The percentage of wealth that is in the ownership of women is rising. Women are increasingly becoming the main earners in the household and, alongside this, women generally live longer than men. Combined, these factors mean that women will often have larger estates than men to pass on to the next generation.
Despite this, women are less likely to seek financial advice than men; on average 36% of women compared with 46% of men enlist professional support when it comes to their finances. It’s part of my role as an adviser to understand why it is still the case that fewer women seek financial advice. Focusing on the attitudinal differences between the generations can be useful as it shows how women’s relationships with money have changed over time.
The Post-War / Silent Generation
The Post war/Silent Generation (age 76-93 in 2021) are more likely to have had limited experience with money due to the culture at the time that dictated this was left to their male counterparts. In instances where women of this generation inherit the estate on their spouse’s death, there is the risk of them being overburdened by suddenly being in control of their finances at what is already a difficult time.
If their husband had a financial adviser, it is often the case that the woman had no relationship with them. So it is vital that we as advisers take the time to engage with these ladies before this point, to build up a relationship of trust. This will help them avoid the risk of financial inaction and alleviate the stress of making important financial decisions at a traumatic time in their life.
Babyboomers (age 56 – 75 in 2021) are in the vanguard of what is going to be the biggest transfer of wealth in human history. As noted above, as much as 60% of Britain’s wealth is expected to be owned by women, mostly Babyboomers, by 2025. However, in instances where they inherit the estate from their spouse, it’s estimated that 70% of baby boomer widows will leave their partner’s adviser within a year of their death.
The Babyboomers are very much the transitional generation when it comes to women’s finance. A female client of this generation could have no experience or be completely financially literate. So nowhere are the essential adviser skills of listening to their client and tailoring their advice accordingly more crucial. Education and self-empowerment can be highly valuable offerings that advisers can bring to relationships in this generation, one which needs professional advice more than any other that has gone before it.
By Generation X (age 41-56 in 2021) significant progress has been made with women’s financial independence and being in control of their finances compared with the preceding generations, however they may often still feel alienated from financial services in general. This is due in part to the fact that women’s relationships with money are evolving faster than gender attitudes in the advice industry are, and this has an impact on the service women receive. Too often the story is still that when a woman, even if they are the main household earner, and her partner have been to meet an adviser, all the communication has been steered at the man. I’ve met too many women who have felt ignored, not listened to or experienced financial meetings that still have a very masculine feel to them.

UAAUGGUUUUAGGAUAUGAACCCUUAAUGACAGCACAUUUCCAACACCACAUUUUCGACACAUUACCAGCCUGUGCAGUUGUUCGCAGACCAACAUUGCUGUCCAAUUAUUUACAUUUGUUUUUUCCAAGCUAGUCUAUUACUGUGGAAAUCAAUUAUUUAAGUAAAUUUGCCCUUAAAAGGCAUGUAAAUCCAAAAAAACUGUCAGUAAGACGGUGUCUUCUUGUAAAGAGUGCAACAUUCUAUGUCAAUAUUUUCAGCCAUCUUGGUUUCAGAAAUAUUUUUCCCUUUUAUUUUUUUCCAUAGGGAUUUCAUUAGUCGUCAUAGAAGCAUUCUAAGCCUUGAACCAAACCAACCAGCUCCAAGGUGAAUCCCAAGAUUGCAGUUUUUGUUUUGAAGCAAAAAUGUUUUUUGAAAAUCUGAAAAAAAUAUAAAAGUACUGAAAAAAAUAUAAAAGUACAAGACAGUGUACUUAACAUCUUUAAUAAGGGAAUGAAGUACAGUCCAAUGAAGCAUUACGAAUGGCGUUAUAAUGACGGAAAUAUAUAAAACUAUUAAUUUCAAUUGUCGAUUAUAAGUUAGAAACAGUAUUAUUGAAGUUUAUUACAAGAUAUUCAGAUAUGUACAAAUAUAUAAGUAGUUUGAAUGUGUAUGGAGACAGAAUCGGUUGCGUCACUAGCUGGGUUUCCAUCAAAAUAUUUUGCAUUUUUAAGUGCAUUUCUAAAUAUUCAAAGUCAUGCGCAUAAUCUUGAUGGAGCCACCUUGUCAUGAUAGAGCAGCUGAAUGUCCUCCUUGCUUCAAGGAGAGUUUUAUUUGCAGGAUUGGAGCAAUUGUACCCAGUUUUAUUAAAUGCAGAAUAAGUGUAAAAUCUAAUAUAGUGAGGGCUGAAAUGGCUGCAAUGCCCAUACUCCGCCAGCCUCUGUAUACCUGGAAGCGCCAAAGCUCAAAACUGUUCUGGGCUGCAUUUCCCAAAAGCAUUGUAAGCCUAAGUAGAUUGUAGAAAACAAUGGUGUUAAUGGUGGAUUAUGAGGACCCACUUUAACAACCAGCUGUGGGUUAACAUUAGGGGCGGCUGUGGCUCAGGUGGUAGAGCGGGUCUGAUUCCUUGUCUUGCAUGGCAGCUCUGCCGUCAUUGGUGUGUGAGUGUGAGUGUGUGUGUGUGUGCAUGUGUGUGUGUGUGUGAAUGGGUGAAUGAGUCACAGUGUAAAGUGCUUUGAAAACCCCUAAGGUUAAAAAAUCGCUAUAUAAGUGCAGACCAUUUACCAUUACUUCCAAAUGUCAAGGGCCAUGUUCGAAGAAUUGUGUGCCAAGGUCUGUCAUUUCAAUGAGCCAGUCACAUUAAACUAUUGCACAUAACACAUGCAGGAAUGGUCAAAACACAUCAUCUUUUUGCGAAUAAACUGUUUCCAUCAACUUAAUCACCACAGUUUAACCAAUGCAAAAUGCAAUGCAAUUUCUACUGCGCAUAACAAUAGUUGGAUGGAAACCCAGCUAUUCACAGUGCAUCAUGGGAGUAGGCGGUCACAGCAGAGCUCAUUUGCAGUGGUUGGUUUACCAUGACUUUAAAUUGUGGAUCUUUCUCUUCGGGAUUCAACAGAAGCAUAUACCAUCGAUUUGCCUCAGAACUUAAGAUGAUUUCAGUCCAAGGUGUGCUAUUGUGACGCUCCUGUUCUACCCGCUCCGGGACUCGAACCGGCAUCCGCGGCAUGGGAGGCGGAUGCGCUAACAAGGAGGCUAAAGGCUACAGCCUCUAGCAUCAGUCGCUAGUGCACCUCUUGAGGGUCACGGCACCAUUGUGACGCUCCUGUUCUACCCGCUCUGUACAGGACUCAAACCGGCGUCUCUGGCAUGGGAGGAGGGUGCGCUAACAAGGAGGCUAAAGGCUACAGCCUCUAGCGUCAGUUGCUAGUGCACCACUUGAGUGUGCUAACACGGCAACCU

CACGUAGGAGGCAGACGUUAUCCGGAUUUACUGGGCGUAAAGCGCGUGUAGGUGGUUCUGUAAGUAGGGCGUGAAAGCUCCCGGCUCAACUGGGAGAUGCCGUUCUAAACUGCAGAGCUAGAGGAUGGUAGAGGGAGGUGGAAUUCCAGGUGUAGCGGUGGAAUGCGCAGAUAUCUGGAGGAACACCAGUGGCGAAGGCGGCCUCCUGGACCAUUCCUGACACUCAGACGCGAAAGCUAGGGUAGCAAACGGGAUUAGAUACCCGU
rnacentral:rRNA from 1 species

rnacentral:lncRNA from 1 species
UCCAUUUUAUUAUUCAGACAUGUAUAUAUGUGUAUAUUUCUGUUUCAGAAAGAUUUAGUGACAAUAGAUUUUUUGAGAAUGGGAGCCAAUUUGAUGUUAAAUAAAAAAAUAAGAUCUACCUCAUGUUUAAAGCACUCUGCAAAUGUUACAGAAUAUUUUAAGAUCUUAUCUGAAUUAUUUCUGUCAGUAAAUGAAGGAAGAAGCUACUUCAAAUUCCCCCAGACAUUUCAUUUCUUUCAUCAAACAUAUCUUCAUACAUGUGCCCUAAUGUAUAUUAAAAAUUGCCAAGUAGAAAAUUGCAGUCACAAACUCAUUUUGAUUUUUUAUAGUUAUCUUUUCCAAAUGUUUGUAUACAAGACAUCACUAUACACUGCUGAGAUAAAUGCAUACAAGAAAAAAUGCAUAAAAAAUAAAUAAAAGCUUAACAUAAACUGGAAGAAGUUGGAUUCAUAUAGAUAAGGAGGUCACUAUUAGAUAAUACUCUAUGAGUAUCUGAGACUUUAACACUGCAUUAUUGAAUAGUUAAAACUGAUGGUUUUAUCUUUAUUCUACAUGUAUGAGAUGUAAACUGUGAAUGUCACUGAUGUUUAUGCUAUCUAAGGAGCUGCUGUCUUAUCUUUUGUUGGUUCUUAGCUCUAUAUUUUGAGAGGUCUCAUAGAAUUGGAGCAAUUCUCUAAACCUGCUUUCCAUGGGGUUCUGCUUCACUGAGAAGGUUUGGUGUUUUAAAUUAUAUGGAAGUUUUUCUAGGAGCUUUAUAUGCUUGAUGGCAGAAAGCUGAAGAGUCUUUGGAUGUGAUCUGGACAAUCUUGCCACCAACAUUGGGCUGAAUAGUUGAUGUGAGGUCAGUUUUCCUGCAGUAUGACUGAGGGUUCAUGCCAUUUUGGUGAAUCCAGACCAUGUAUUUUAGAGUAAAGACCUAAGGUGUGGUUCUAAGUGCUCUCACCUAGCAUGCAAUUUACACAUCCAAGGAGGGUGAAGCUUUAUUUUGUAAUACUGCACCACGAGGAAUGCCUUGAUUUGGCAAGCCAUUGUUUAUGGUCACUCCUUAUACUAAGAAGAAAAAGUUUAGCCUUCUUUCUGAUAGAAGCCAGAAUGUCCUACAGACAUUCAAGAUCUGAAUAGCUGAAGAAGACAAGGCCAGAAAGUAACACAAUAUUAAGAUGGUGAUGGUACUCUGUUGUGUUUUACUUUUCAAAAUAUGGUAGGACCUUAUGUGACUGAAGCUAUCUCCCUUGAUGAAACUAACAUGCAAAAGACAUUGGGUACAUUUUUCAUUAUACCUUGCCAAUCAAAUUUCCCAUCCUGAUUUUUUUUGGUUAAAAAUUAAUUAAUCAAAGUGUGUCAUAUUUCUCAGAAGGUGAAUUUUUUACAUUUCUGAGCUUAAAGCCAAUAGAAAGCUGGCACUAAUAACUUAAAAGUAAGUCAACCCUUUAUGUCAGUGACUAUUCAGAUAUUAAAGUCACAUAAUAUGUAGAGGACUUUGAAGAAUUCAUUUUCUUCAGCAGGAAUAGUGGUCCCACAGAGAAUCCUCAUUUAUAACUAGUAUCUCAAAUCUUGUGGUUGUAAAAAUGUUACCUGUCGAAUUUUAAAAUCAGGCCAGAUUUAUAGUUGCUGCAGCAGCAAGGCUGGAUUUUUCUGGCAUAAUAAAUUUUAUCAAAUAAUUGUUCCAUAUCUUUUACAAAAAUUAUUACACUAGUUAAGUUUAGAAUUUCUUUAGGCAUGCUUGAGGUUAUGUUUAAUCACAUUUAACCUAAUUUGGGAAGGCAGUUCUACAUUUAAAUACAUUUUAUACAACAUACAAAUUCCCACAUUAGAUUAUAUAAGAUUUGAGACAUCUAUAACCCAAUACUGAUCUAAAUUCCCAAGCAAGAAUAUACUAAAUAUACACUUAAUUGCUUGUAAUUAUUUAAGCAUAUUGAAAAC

This is not to say that change isn’t happening, there is some wonderful and progressive work taking place in the female advice space. Part of Progeny since 2019, Addidi Wealth, a female-focussed financial planning firm, were established to redefine the culture of wealth, putting women at the heart of the advice process, while also furthering the representation of women in the wealth industry. Progeny is also a signatory to the HM Treasury’s Women in Finance Charter, launched in 2016 with the aim of improving gender diversity in financial services
The financial challenges facing the Millennial generation (age 25-40 in 2021) have been widely reported. You could argue that those in this generation have their own unique and pressing need for financial advice much earlier in their lives when having to juggle the multiple factors of significant student debt, the inability to get on the property ladder, higher levels of self-employment and the looming retirement gap caused by low pension savings. Women of this generation can add into this mix the gender pay gap and the fact that women are more likely to experience an earnings break if they decide to have children. Together, this creates an unprecedented need for good quality advice much earlier on in their lives.
As digital natives, many are turning to apps and digital platforms for help. Millennials are, by far, the most digitally savvy investor group overall, according to Accenture’s Wealth in the Digital Age survey. As ‘digital natives’ they expect a technology offering as standard, yet Accenture’s research showed that only 11 percent exclusively used a robo-advice solution, with two-thirds of Millennials adopting some form of hybrid model. They recognise the value of advice therefore, it just needs to be tailored to their personal preferences – as millennials and as women – in terms of delivery.
Introducing more women to the benefits of financial advice will be a key challenge for my generation of advisers, and there is clearly work to do. Engaging women more effectively with all aspects of financial advice, by respecting the difference in needs and communication styles between the genders but by also appreciating how this is swiftly changing between generations, is paramount. A trusted adviser can truly add value, both in financial and emotional support to these clients when they really need it the most.